Wednesday, August 31, 2016

Fixing Science for the 21st Century and Beyond

Hat tip to Zendo Deb at 357 Magnum for the story in “Einstein, We Have a Problem”.  The link, in turn, is to an online magazine I didn't previously know, The New Atlantis and “Saving Science”, one of a three part series on the Integrity of Science.  I've only been able to read this first article, and really recommend it to anyone concerned about the problems with science, some of which I've written about before.  Let me borrow the same money quote that Zendo Deb uses:
The science world has been buffeted for nearly a decade by growing revelations that major bodies of scientific knowledge, published in peer-reviewed papers, may simply be wrong. Among recent instances: a cancer cell line used as the basis for over a thousand published breast cancer research studies was revealed to be actually a skin cancer cell line; a biotechnology company was able to replicate only six out of fifty-three “landmark” published studies it sought to validate; a test of more than one hundred potential drugs for treating amyotrophic lateral sclerosis in mice was unable to reproduce any of the positive findings that had been reported from previous studies; a compilation of nearly one hundred fifty clinical trials for therapies to block human inflammatory response showed that even though the therapies had supposedly been validated using mouse model experiments, every one of the trials failed in humans; a statistical assessment of the use of functional magnetic resonance imaging (fMRI) to map human brain function indicated that up to 70 percent of the positive findings reported in approximately 40,000 published fMRI studies could be false; and an article assessing the overall quality of basic and preclinical biomedical research estimated that between 75 and 90 percent of all studies are not reproducible.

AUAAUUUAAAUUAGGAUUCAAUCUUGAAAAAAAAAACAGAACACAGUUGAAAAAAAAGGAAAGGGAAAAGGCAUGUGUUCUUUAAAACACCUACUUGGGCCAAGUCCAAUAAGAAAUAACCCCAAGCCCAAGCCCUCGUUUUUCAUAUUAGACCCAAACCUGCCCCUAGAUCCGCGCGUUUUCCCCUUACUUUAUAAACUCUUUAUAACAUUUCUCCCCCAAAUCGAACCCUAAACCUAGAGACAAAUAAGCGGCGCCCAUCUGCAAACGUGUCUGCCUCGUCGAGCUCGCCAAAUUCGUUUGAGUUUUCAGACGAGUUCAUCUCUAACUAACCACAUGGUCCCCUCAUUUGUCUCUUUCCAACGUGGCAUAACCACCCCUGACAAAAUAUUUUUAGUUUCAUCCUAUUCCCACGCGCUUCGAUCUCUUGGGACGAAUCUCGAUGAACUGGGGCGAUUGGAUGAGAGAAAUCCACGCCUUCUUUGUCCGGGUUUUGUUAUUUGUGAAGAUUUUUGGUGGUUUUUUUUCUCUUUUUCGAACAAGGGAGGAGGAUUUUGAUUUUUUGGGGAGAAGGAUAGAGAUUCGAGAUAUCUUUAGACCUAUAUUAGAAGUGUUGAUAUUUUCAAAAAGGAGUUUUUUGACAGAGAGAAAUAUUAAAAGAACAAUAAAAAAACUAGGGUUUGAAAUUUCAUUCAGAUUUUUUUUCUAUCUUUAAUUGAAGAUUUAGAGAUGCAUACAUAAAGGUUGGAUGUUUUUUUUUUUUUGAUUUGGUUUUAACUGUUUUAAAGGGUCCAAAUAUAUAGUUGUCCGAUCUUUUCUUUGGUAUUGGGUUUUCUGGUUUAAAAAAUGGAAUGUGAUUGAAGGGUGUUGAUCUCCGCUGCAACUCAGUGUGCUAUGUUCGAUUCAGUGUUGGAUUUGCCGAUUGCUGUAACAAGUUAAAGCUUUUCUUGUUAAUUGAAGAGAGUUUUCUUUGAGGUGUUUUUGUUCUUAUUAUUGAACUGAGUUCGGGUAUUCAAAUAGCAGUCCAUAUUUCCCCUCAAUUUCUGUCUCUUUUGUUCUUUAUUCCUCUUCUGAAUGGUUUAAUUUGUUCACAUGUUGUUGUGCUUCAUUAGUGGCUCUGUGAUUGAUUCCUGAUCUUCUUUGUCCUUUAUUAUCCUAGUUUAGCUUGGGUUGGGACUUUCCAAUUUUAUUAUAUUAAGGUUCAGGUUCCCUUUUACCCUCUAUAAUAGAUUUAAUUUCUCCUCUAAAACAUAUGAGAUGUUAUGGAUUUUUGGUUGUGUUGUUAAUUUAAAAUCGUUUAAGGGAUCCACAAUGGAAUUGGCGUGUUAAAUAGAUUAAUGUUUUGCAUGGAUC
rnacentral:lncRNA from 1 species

Not surprisingly he quotes John Ioannidis' famous 2005 paper, “Why Most Published Research Findings are False”, along with some more of his research.  I first wrote about John Ioannidis back in 2013.  His paper may have been the one that opened the floodgates, because the number of papers retracted annually started to blossom in that decade: